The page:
Natural Foods Merchandiser

Research unfolds world of brain health

Brain health is one of the most researched areas of natural medicine, and keeping up can make one's brain hurt. Here's a review of some recent studies that can take the gray out of comprehending promising avenues in gray-matter health.

Research on phosphatidylserine, a phospholipid, a type of fat found in every cell in the body and that aids memory in the brain, has been positive, but there's a hitch: It's derived from cow brains. Or at least it was until recently when mad cow disease put an end to that. A new soy-derived form of PS has been shown to be safe for human consumption, but research on its efficacy is scant. A study published in 2001 in Nutritional Neuroscience found that soy-derived PS wasn't of much help in memory tests on older adults. However, a 2000 study in the Israel Journal of Psychiatry and Related Sciences found a significant boost in brain function in healthy elderly adults who took soy-derived PS.

Researchers have found that choline, an essential nutrient, appears to make brain cells faster, bigger and stronger. A study published in 2004 in the Journal of Neurophysiology found that prenatal choline intake in rats gave their offspring a brain boost. The authors wrote, "Our results indicate that moderate dietary supplementation with an essential nutrient during a brief period of prenatal development produces enduring changes in both the structure and function of [brain] cells."

"Alpha-GPC is a delivery form of choline," according to the Physician's Desk Reference, and should theoretically increase choline levels. Alpha-GPC, a substance derived from soy lecithin, is also known as choline alphoscerate. The journal Mechanisms of Ageing and Development published a review study in 2001 looking at 13 clinical trials of alpha-GPC. Ten of those studies were done on people with dementia disorders. Researchers concluded "administration of choline alphoscerate significantly improved patient clinical condition.

Clinical results obtained with choline alphoscerate were superior or equivalent to those observed in control groups under active treatment and superior to the results observed in placebo groups."

A 2005 article in the Journal of Neuroscience found that the mighty green tea can help stave off Alzheimer's disease. The main polyphenolic substance in green tea, epigallocatechin gallate, reduced the production of a protein that can accumulate in the brain and cause damage. Researchers concluded that their findings "raise the possibility that EGCG dietary supplementation may provide effective [protection] for AD."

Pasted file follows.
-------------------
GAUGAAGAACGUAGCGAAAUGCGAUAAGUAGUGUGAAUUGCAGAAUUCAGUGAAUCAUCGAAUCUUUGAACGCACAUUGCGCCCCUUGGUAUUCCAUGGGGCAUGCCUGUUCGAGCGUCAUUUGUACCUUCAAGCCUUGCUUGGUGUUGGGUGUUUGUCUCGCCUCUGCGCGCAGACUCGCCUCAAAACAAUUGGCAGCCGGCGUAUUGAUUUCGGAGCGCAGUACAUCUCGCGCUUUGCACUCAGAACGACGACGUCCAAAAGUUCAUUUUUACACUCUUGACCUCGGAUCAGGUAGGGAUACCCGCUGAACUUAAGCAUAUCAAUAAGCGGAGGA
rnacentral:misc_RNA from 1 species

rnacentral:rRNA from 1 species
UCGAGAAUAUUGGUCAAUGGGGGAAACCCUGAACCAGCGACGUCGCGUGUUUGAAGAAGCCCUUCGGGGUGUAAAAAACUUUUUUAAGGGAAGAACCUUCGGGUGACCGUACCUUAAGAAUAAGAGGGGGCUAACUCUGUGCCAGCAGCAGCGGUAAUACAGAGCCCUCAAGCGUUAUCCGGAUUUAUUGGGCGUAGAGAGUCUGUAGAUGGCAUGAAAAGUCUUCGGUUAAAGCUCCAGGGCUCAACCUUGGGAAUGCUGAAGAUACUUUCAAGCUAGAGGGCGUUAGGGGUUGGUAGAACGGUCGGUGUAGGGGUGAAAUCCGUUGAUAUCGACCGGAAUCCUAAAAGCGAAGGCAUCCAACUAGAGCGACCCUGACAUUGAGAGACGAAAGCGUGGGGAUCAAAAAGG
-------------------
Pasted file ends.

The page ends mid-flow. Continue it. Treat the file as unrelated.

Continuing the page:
A September 2005 article in the Journal of Biological Chemistry found that resveratrol, a polyphenol found in grapes and red wine, could have a therapeutic effect for those suffering from Alzheimer's disease. The authors note that numerous studies have "shown that moderate wine intake reduces the risk of developing AD." Researchers found that resveratrol works by helping to clear a peptide implicated in the development of AD.

The Journal of Pediatric Psychiatry published a study in March that made fatty acids' benefits file fatter. Higher levels of decosahexaenoic acid (a component of omega-3 fatty acids) in mothers' breast milk correlated to better brain functioning in newborns. Researchers concluded the "results suggest that breast milk DHA is beneficial to the neonate's neurobehavioral functioning" and that further studies are needed.

Quincy Bioscience, based in Madison, Wis., is touting its calcium-binding protein aequorin as the possible next big thing for its protective antiaging properties. Where does the protein come from? Jellyfish. But don't go bingeing on jellyfish yet. Two tons are necessary to yield a scant 125 milligrams of the substance. The company, along with the University of Wisconsin-Milwaukee, is conducting research that Quincy execs call "promising," with an eye toward a 2007 market launch.

In the fall 2005 issue of the Annals of Clinical Psychiatry, a review study looked at the role of antioxidants in the prevention of AD. Researchers concluded that aged-garlic extract, curcumin, melatonin, resveratrol, ginkgo biloba extract, green tea and vitamins C and E all showed promise. They wrote, "While the clinical value of antioxidants for the prevention of AD is often ambiguous, some can be recommended based upon: 1) epidemiological evidence, 2) known benefits for prevention of other maladies and 3) benign nature of the substance."

Natural Foods Merchandiser volume XXVII/number 5/p. 36

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